In the U.S. the ‘Islamophobia industry’ has taken various forms, including attacks on the personal law that Muslims follow i.e., Shariah and positioning it as ‘medieval and barbaric’. There is a clear attempt to map Muslims as ‘moderate vs. extremists’ and cultivate the ‘moderate’ ones as being ‘loyal’ to the U.S. This false dichotomy and tactics to associate practice of Islam with violence and terrorism has been ongoing for a while and well-funded by extreme rightwing groups. The trend has been well documented by a Center for American Progress Report Fear Inc.
Coming back to the example of Tariq Ramadhan, who has argued for a nuanced understanding of violence and its role in our societies. As he argues in an Op-Ed in The Guardian, “The problem today is not one of “essential values”, but of the gap between these values and everyday social and political practice. Justice is applied variably depending on whether one is black, Asian or Muslim. Equal opportunity is often a myth. Young citizens from cultural and religious “minorities” run up against the wall of institutionalized racism. Rather than insisting that Muslims yield to a “duty to integrate”, society must shoulder its “duty of consistency”. It is up to British society to reconcile itself with its own self-professed values; it is up to politicians to practice what they preach.” For this, Ramadhan has been called a terrorist sympathizer, a Muslim brotherhood member and worse. If this is an indication of how the Europeans react to demands for reflection and critical thinking, then something is surely wrong. The problem in Europe seems to be one of excluding the Muslims and their leaders from public discourse. There have been some attempts by Muslim leaders in the US and Europe to amend some of stereotypes about them – the supposed anti-Semitism in some Muslim societies being the most egregious one- by visiting Auschwitz, as this newsitem shows. One must also remember that Jews, despite being a minority seem to be thriving, in an environment of Post WWII awareness of the horrors of Holocaust. Germany in particular is rather sensitive to any charges of ‘anti-semitism’ and this trend seems to be prevalent in Europe. There is no comparable movement to address Islamophobia, which seems to be growing by the day. This is a welcome move as it would demonstrate, rather publicly that Muslims don’t have anything per se against the Jews. But such attempts seem to be few and far in-between and they could also be seen as reactionary, rather than proactively thought through.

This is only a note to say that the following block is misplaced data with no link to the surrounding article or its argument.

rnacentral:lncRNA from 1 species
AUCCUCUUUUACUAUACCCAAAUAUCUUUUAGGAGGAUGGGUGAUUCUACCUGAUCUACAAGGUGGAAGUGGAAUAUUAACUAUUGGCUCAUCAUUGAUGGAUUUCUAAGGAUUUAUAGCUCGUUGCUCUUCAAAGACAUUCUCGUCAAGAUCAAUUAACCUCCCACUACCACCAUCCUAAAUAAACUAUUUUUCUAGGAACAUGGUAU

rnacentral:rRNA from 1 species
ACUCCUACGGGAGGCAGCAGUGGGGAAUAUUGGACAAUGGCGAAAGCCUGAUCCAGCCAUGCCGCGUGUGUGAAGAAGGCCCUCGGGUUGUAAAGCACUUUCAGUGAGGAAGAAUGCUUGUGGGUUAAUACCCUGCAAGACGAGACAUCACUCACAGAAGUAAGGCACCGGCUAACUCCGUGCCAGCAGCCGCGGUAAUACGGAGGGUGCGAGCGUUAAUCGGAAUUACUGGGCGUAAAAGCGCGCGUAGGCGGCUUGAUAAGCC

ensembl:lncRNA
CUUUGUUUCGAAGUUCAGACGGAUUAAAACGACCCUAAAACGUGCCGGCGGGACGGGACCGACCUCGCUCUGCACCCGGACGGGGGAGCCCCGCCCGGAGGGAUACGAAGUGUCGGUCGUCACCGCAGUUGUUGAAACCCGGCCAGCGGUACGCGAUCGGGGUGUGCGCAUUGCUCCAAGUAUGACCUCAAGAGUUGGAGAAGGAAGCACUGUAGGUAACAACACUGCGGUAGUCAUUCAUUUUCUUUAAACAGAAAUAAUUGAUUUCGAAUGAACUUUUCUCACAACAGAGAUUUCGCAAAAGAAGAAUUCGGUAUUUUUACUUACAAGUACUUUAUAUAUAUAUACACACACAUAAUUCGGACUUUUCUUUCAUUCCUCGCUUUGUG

As an example of the kind of discourse that French and (some) American media have created about him, see here, here. These are but two examples – a simple google search will demonstrate the amount of vitriol and negative propaganda against a leader, who is trying to showcase the diversity of opinion within the house of Islam in Europe. And mind you, he is a professor at Oxford University and an accomplished scholar. If such a scholar is reviled and guilt by association is used as a tool to link him with all forms of organizations, that are violent; it seems like there is a conscious attempt to delegitimize him as an individual and also as a leader of the community.
Further, as Talal Asad argues in his essay “Muslims as a ‘religious minority’ in Europe”, the very identity of Europe is built so as to exclude those who are not ‘European enough’, ethnic Muslims from other countries, for instance. This situation is exacerbated by a history of conflict between Europe and the East – Ottoman Empire for instance, that conquered a part of the continent. Despite the geographic proximity, Bosnia is not ‘one among the European nations’ though it is in Europe, it is not entirely European. The same holds true for Turkey’s attempts to enter the E.U. He quotes from a 1992 Time magazine article “ However it may be expressed, there is a feeling in Western Europe, rarely stated explicitly, that Muslims whose roots lie in Asia do not belong in the Western family, some of whose members spent centuries trying to drive the Turks out of a Europe they threatened to overwhelm. Turkish membership would dilute the E.C’s Europeanness”. This quote captures more than sufficiently the anxieties and the thinking that underlies the paranoia of ‘Muslims taking over Europe’. The current media representations about Muslims in Europe are not very helpful either, relying as they are on stereotypes of Muslims and fear mongering by even mainstream media about the immigrant threat etc.
American Muslim Leadership and co-optation by the establishment